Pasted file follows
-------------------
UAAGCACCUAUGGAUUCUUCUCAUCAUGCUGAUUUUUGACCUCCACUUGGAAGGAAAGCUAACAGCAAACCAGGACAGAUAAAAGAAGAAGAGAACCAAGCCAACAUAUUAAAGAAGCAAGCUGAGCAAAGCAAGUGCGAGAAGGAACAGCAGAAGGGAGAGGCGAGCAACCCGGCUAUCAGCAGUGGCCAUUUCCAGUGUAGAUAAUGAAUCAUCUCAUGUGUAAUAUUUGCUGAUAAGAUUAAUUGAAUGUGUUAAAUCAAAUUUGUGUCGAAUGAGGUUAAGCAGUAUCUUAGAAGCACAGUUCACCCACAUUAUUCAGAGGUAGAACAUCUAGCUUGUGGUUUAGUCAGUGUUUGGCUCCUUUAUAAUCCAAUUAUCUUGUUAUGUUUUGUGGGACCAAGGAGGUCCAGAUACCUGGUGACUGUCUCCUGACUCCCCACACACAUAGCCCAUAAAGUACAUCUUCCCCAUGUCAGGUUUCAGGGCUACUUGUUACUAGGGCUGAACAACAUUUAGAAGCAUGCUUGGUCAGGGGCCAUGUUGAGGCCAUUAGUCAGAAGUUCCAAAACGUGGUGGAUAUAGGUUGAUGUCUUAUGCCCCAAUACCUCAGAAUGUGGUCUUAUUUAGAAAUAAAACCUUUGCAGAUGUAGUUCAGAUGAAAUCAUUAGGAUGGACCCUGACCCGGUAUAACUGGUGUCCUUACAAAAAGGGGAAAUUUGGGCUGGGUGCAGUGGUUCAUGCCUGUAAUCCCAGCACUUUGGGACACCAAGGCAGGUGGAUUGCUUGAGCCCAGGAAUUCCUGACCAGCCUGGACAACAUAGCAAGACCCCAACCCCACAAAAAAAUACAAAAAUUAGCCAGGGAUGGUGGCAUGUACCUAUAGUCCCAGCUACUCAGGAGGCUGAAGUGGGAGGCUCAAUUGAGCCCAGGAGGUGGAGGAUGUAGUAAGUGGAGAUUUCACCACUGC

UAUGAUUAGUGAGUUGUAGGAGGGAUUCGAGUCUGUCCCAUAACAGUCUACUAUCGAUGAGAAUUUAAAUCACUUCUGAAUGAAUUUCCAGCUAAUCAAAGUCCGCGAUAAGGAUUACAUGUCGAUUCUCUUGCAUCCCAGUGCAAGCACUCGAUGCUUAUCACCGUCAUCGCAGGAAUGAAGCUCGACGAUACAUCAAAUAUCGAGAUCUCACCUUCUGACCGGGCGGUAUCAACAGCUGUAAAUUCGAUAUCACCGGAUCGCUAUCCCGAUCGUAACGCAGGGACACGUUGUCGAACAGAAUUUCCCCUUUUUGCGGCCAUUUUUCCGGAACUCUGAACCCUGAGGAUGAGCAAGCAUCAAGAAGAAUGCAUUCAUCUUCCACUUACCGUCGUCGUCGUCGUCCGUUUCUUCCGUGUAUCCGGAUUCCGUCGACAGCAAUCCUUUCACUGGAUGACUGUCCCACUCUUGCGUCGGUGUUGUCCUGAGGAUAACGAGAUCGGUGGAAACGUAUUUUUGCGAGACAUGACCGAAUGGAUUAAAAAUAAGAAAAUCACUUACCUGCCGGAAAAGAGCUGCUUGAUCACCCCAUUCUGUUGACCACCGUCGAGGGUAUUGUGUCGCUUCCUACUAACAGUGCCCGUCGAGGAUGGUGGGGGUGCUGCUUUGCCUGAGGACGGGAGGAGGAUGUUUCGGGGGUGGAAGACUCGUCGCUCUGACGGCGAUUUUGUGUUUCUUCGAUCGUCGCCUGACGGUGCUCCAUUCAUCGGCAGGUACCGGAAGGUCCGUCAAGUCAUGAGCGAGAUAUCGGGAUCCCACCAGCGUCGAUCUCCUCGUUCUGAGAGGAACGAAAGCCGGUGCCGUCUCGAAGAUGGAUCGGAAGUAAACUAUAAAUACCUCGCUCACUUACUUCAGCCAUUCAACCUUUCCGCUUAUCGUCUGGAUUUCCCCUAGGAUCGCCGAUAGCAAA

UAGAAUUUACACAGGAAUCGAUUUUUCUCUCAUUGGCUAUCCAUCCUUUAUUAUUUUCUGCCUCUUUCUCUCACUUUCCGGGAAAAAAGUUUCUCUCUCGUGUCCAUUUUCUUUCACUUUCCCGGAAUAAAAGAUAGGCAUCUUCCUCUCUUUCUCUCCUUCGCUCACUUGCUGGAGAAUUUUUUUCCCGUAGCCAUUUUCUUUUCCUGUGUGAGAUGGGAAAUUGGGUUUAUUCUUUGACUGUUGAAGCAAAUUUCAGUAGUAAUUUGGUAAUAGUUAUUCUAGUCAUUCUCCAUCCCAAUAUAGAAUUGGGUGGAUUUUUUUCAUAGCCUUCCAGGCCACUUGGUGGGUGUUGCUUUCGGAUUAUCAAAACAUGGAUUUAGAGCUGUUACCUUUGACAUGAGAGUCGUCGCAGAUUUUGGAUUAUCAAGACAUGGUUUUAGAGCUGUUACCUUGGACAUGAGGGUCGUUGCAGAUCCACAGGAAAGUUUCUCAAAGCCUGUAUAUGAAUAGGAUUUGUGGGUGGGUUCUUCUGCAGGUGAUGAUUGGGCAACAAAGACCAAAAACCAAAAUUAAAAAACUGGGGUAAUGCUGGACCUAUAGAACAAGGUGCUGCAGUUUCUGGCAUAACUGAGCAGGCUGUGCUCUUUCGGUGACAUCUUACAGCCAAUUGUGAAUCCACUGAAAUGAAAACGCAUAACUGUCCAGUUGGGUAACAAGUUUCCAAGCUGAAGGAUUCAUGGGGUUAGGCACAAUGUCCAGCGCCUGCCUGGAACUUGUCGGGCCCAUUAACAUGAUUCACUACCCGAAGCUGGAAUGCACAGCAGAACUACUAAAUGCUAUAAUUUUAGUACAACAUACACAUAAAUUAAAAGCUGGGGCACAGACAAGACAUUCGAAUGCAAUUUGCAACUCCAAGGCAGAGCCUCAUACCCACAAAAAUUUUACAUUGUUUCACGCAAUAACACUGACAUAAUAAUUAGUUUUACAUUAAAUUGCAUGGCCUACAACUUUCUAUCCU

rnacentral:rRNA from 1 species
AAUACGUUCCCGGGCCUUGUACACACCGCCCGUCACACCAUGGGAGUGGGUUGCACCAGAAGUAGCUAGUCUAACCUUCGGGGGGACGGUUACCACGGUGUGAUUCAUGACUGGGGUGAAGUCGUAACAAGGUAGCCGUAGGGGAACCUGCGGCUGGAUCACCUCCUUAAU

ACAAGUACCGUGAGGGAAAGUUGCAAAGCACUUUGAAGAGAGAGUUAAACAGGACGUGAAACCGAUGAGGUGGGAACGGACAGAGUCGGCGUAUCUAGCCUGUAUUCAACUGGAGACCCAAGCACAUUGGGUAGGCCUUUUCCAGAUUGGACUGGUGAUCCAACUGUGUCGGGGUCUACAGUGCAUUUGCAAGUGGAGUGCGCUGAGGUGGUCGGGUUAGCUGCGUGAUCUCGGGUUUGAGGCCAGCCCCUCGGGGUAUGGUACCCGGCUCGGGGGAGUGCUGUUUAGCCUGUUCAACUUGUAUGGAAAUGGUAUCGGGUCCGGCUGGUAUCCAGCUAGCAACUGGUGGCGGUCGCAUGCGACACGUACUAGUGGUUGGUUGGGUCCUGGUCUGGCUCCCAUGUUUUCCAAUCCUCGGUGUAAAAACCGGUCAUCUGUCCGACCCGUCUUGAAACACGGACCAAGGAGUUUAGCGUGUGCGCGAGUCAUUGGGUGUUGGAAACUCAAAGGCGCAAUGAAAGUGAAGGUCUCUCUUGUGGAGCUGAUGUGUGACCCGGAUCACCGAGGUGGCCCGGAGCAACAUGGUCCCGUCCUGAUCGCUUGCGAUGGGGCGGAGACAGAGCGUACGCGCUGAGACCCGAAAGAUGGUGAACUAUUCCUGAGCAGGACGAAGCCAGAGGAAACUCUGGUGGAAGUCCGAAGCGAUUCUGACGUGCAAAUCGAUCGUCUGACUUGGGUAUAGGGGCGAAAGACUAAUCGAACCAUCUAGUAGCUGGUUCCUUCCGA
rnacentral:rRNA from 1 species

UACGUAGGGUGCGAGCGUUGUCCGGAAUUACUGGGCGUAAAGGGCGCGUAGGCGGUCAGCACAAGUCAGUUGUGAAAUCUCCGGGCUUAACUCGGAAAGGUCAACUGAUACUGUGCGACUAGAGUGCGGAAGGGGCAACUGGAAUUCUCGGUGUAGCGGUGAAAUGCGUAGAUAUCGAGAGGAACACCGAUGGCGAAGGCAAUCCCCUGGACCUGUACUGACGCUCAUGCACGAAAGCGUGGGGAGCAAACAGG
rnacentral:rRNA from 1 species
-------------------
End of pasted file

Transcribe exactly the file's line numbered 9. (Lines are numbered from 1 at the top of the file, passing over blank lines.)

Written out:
rnacentral:rRNA from 1 species